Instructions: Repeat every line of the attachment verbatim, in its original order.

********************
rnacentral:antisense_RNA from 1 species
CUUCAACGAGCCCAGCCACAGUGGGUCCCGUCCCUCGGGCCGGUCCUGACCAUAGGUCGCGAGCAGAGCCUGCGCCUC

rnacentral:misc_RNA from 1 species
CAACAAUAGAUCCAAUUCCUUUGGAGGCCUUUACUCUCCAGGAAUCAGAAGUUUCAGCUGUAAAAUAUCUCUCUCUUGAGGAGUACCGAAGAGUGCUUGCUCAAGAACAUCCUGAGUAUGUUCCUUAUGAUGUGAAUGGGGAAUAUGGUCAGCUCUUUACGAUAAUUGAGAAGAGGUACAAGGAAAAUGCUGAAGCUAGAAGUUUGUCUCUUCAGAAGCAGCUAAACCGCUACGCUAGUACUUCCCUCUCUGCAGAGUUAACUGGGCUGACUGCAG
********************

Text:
rnacentral:antisense_RNA from 1 species
CUUCAACGAGCCCAGCCACAGUGGGUCCCGUCCCUCGGGCCGGUCCUGACCAUAGGUCGCGAGCAGAGCCUGCGCCUC

rnacentral:misc_RNA from 1 species
CAACAAUAGAUCCAAUUCCUUUGGAGGCCUUUACUCUCCAGGAAUCAGAAGUUUCAGCUGUAAAAUAUCUCUCUCUUGAGGAGUACCGAAGAGUGCUUGCUCAAGAACAUCCUGAGUAUGUUCCUUAUGAUGUGAAUGGGGAAUAUGGUCAGCUCUUUACGAUAAUUGAGAAGAGGUACAAGGAAAAUGCUGAAGCUAGAAGUUUGUCUCUUCAGAAGCAGCUAAACCGCUACGCUAGUACUUCCCUCUCUGCAGAGUUAACUGGGCUGACUGCAG